I was surprised every time the ring of a cell phone interrupted our discussions. Most grannies now have cheap ones that they use to communicate with family members.They also rely on battery-powered radios for daily announcements about deaths in the community — or word that a special granny group meeting was being called (to receive the likes of us, for example.)


I was surprised to hear how much the grannies worry about theft, even though in many ways, the rural communities are safe and honest places. When a small backpack belonging to our driver fell out of the van, unnoticed, a villager retrieved it, asked around for the phone number of one of the Nyaka team members, called, and carried the pack to us. But grannies also talked of having to defend against thugs who might steal their chickens, their crops, and their kitchen items. We asked if they used watchdogs. But dogs cost money to keep, and persistent thieves don’t shrink from poisoning them.
Not only the grannies told us things that astounded us. One day during lunch at a simple roadside joint, the topic of malaria came up. The Ugandans who work for the foundation are smart, well-educated, sophisticated. But every one of them was infected with malaria. Everyone is, they said. We pressed them, and they told us how they dealt with flare-ups. They shrugged it off, but it sounded a lot more painful than the common cold.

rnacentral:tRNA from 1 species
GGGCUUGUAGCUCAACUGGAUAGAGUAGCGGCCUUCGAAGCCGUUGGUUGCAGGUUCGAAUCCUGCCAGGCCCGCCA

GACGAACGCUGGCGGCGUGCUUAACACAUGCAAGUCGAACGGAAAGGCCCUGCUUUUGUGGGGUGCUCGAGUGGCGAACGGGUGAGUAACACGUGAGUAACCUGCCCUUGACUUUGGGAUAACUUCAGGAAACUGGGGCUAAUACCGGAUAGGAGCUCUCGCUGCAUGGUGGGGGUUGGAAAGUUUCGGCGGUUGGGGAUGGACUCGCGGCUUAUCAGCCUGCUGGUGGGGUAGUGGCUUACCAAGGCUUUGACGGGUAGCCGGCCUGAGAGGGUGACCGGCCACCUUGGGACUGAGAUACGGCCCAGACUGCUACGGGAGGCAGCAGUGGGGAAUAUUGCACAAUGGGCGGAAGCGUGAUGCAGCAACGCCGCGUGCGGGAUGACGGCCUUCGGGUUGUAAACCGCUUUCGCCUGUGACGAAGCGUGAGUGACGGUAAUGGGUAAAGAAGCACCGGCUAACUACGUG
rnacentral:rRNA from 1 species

Ronald, our driver, was similarly matter of fact when we asked about his background. His father had been a doctor, but he had died when Ronald was 6 months old. Then his mother died a year and a half later. Rather than care for 2-year-old Ronald and his 8-year-old sister, the villagers treated them like pariahs (“ghosts” is the term Ronald used). If their parents had been cursed, the children were likely to be cursed also. So Ronald’s sister had somehow raised him. How does an 8-year-old do that? How did Ronald grow up, save money for driving school, and turn himself into the steady, sharp, and competent driver he is today?

On our final drive from Kampala to Entebbe to catch our flight Dubai Monday morning, gazing out the window of our taxi, I saw hundreds of reminders of how hard life is here: guys hawking packs of toilet paper to folks stuck in the hellish traffic, women carrying heavy loads of eggplants and other vegetables on their heads, a kid scrambling to drag in the furniture displayed on the lawn outside a shop before the rain got too heavy. So much more. But with all the evidence of struggle and suffering, there’s so much heroism — stories like Ronald’s of mind-boggling perseverance. You don’t have to dig very deep to find it.